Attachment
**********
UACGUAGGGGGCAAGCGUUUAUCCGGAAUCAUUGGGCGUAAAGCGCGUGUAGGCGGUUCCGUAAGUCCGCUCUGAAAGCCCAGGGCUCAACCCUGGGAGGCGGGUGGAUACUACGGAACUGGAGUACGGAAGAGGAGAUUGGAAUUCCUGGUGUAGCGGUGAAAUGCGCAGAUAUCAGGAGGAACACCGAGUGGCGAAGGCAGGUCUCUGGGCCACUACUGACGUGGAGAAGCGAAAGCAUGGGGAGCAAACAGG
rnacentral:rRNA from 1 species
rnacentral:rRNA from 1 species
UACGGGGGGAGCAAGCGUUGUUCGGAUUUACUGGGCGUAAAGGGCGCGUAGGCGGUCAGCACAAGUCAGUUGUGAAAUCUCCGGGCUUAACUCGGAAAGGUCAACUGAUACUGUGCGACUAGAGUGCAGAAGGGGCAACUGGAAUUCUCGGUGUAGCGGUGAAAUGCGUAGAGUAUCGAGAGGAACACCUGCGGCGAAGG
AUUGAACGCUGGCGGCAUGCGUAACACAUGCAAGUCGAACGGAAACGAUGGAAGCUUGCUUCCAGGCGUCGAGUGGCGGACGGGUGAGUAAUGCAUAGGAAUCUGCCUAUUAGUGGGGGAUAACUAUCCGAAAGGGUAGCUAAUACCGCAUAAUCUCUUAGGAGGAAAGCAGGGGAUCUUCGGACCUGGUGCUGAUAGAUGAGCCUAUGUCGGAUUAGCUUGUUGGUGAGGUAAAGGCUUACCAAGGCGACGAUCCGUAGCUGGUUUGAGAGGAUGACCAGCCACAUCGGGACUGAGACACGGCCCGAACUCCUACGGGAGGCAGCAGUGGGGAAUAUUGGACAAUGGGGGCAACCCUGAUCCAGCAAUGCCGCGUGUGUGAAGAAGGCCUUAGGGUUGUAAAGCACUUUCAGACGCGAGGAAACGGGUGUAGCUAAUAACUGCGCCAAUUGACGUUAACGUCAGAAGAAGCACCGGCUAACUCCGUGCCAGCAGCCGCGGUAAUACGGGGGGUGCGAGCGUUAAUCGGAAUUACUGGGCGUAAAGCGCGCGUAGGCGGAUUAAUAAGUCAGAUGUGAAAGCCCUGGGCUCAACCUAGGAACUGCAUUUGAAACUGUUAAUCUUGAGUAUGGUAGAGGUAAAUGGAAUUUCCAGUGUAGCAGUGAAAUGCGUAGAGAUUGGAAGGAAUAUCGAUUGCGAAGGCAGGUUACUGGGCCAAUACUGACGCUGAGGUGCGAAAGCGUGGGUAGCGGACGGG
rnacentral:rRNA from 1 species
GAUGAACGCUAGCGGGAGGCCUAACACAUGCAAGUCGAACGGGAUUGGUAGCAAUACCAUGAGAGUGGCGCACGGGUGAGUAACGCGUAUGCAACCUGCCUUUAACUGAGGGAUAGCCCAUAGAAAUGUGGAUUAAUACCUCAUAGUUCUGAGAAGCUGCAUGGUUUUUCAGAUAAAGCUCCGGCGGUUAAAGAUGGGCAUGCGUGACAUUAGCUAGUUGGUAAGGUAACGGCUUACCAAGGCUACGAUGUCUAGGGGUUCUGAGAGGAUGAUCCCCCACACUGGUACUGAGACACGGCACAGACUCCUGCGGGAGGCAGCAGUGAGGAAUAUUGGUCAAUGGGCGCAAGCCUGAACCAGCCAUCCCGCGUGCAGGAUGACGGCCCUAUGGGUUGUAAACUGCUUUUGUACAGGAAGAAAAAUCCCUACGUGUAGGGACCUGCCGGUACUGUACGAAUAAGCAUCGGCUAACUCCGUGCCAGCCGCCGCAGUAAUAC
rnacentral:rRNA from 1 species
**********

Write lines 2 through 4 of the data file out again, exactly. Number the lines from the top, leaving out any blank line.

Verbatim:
rnacentral:rRNA from 1 species
rnacentral:rRNA from 1 species
UACGGGGGGAGCAAGCGUUGUUCGGAUUUACUGGGCGUAAAGGGCGCGUAGGCGGUCAGCACAAGUCAGUUGUGAAAUCUCCGGGCUUAACUCGGAAAGGUCAACUGAUACUGUGCGACUAGAGUGCAGAAGGGGCAACUGGAAUUCUCGGUGUAGCGGUGAAAUGCGUAGAGUAUCGAGAGGAACACCUGCGGCGAAGG